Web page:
Engel’s clutch hit lifts White Sox in a pinch

September 15th, 2020

CHICAGO -- No playoff berth was on the line during the White Sox 3-1 victory over the Twins on Monday night at Guaranteed Rate Field.

But the atmosphere, even with pumped-in crowd noise replacing fans in the stands, sure felt like postseason baseball.

“I don’t know what the starters felt like, but being a bench guy, it feels like you are living and dying on every pitch,” said , whose pinch-hit single in the eighth drove home the game-winning run. “You have a lot of emotion going with every pitch. A lot of guys say at the end of a playoff game [that] everybody is mentally and emotionally exhausted. Tonight wasn’t the real thing per se, but it felt pretty similar to that.”

“It was awesome, it was a lot of fun,” said reliever , who pitched 1 1/3 scoreless innings. “Pretty proud of the group tonight. It’s pretty exciting right now.”

Engel drove in after Taylor Rogers walked Moncada and to start the inning, as the White Sox moved two games in front of the Twins in the American League Central and reduced their magic number to clinch a playoff spot to four.

White Sox manager Rick Renteria had put the bunt on for Engel, but during an ensuing Twins mound visit, Renteria told Engel to pull back and swing away if the middle infielders vacated. Engel fouled off the first bunt on the first pitch from Rogers, then in one motion, pulled back his bat and slapped a single to center on the next pitch, a 93.4-mph sinker.

“First pitch, I obviously didn’t get it down,” Engel said. “I looked up and saw the shortstop had vacated. At that point, I was trying to square a little bit early on the second attempt to see if they did the same thing, and the shortstop vacated again, so I pulled back and just tried to hit a ground ball up the middle.”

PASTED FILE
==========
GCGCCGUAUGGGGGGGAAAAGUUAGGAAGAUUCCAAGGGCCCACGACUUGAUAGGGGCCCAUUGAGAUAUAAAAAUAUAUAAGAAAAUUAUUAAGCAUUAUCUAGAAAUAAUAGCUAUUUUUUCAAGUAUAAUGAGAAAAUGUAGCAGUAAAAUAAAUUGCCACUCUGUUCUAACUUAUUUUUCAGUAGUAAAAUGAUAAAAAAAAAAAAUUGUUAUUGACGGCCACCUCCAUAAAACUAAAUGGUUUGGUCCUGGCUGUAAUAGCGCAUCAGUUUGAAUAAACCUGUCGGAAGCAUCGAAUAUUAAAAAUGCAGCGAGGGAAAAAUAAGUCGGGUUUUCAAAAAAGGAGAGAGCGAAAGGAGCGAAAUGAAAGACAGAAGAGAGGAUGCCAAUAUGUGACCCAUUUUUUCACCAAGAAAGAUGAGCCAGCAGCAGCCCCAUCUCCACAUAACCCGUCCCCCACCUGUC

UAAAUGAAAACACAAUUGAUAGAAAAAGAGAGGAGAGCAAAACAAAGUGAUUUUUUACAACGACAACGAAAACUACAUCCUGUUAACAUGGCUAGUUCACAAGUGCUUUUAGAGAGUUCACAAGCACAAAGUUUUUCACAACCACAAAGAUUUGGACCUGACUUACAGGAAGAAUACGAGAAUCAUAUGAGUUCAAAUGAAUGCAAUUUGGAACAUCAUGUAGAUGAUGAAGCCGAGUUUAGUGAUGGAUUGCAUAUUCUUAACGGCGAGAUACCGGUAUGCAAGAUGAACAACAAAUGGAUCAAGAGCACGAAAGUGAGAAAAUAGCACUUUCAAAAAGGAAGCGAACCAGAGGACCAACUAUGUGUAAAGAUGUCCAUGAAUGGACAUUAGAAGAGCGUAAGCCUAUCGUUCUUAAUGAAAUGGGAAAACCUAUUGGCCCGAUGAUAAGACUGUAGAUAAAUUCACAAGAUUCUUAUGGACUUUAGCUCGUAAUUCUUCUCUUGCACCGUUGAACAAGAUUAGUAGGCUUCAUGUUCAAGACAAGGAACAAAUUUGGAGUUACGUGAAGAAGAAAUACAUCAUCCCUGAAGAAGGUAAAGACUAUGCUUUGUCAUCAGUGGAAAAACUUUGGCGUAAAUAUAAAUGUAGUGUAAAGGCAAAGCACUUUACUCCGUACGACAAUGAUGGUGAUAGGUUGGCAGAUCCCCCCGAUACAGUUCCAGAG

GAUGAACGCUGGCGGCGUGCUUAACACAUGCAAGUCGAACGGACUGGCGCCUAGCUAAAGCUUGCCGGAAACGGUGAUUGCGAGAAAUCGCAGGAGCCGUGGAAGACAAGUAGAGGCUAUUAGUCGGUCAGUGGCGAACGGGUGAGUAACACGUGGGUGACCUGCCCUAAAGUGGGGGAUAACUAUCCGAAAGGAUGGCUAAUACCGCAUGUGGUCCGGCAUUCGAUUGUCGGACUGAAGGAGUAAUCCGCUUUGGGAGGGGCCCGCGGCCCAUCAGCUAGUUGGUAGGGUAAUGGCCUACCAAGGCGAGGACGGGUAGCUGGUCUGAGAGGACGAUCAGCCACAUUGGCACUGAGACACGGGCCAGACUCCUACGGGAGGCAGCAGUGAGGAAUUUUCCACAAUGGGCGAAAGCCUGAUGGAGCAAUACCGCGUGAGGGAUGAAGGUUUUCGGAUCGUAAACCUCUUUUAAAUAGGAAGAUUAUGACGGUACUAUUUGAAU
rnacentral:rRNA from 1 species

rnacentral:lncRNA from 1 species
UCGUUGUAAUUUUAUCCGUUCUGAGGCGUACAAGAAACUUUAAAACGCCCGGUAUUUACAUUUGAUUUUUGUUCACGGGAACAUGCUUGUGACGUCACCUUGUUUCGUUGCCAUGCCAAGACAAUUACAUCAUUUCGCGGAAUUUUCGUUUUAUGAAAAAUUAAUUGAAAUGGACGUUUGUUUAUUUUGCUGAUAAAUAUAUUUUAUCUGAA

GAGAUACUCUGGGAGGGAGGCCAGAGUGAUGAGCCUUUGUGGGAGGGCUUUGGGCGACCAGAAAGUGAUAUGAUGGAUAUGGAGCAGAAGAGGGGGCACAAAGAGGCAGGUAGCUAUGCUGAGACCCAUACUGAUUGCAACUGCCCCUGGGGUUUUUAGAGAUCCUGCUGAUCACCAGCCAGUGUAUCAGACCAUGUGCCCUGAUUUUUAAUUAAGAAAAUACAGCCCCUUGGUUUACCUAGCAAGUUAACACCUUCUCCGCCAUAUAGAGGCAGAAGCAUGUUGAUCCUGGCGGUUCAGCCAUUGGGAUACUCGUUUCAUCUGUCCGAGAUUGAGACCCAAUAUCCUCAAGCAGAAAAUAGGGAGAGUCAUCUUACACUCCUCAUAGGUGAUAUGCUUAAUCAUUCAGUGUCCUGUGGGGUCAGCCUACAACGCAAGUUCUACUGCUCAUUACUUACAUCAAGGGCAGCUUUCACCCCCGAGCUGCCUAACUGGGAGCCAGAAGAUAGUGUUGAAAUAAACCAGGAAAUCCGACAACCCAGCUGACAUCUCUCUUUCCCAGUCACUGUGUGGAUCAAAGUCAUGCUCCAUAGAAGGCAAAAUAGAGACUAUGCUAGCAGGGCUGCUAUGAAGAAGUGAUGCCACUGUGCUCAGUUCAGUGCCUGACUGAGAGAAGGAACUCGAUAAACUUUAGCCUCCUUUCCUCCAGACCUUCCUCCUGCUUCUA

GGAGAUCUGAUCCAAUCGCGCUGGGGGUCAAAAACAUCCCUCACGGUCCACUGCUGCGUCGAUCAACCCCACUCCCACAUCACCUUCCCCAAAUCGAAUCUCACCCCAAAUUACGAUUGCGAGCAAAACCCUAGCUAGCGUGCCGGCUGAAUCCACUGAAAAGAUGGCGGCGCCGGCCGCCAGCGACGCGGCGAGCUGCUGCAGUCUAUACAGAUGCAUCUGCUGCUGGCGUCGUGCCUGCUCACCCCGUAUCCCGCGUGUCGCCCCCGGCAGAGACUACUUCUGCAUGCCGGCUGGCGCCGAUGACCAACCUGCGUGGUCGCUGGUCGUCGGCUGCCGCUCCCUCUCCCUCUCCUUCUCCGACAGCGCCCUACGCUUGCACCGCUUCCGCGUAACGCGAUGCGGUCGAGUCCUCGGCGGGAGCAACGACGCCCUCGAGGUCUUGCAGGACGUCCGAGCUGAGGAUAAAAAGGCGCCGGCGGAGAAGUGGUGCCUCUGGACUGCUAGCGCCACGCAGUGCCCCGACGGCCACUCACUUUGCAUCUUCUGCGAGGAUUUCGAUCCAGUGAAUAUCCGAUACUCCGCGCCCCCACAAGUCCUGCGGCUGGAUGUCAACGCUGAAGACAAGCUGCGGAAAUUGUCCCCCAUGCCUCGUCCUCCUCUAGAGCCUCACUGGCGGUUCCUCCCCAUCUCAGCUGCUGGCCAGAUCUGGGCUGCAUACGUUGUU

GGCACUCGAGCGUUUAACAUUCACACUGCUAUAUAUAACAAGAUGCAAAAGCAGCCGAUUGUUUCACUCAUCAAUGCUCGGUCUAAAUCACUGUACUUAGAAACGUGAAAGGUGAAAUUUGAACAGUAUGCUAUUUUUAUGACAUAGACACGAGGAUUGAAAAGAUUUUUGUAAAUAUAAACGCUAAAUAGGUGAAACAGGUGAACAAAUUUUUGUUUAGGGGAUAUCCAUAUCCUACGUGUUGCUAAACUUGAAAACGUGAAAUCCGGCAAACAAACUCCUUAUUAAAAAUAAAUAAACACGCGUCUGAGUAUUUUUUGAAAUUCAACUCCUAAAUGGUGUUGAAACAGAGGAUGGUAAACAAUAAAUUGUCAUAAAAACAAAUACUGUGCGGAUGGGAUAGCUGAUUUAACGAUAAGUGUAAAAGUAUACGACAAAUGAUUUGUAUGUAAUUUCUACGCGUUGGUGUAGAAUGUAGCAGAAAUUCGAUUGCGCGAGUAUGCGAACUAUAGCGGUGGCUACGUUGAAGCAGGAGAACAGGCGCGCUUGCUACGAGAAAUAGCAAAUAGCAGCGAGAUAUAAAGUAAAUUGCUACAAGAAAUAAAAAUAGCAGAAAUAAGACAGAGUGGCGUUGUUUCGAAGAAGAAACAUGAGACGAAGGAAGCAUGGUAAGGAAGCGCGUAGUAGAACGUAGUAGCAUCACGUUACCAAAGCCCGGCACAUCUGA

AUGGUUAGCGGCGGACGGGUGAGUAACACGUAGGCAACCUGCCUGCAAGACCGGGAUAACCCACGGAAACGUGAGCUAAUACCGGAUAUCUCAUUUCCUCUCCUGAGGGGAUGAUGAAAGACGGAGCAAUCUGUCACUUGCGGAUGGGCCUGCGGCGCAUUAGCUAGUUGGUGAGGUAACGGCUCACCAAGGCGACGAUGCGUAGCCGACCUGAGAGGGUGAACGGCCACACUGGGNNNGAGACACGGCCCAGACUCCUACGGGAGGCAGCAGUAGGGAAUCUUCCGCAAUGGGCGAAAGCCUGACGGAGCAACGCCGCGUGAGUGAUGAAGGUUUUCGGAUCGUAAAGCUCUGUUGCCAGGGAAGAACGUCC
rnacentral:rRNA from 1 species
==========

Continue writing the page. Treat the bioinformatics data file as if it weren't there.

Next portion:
’s double -- his third hit of the game -- gave Chicago a little breathing room and raised his Major League-leading batting average to .369. Both teams had numerous chances to take control in this first of four games between the division’s top two teams, but they finished a combined 5-for-26 with runners in scoring position. The White Sox ability to retire Nelson Cruz, who has 11 home runs and 34 RBIs against Chicago in the past two seasons, was a key to keeping the game close.

Cruz grounded into an inning-ending double play with runners on first and third and one out in the third against starter and struck out swinging against reliever with the bases loaded and two outs in the sixth. then pitched out of trouble in the eighth, retiring Cruz on a grounder to Anderson after walking Josh Donaldson to load the bases.

The Twins put their leadoff hitter on base in each of the first six innings but scored just once. The White Sox became the first team since the Giants against the Dodgers on May 31, 2013, to allow 18 or more baserunners but only one run in a nine-inning game. They have done that only one other time in team history, a 2-1 win over Boston on April 28, 1973.

“Kind of the edge of the sword tonight,” Marshall said. “Fortunately we were able to come out on the good side of that.”

“Our pitching and our defense, if they can do that against a team like this, we would expect to win a lot of ballgames,” Minnesota manager Rocco Baldelli said. “Tonight, it just wasn’t in the cards. But they’re always going to make you work. It’s never easy when you play against a good offense like this.”

Cease allowed one run over his 4 2/3 innings, struck out four and walked five on 99 pitches. Chicago pitchers walked 10, becoming the first team to walk 10 or more and allow one or zero runs in a nine-inning game since the Cardinals on Sept. 28, 2015. But in this 2020 season that becomes more special for the White Sox by the day, they made it work.

“If we can play some really good baseball over the next three days, I think that will help our confidence going into the playoffs,” Engel said. “Obviously, just playing good baseball against a good baseball team is huge.”

"That game was a great preview of what [the playoffs] would be like,” Cease said. “Every pitch felt important, every play felt important. It was a really fun game to watch and be a part of."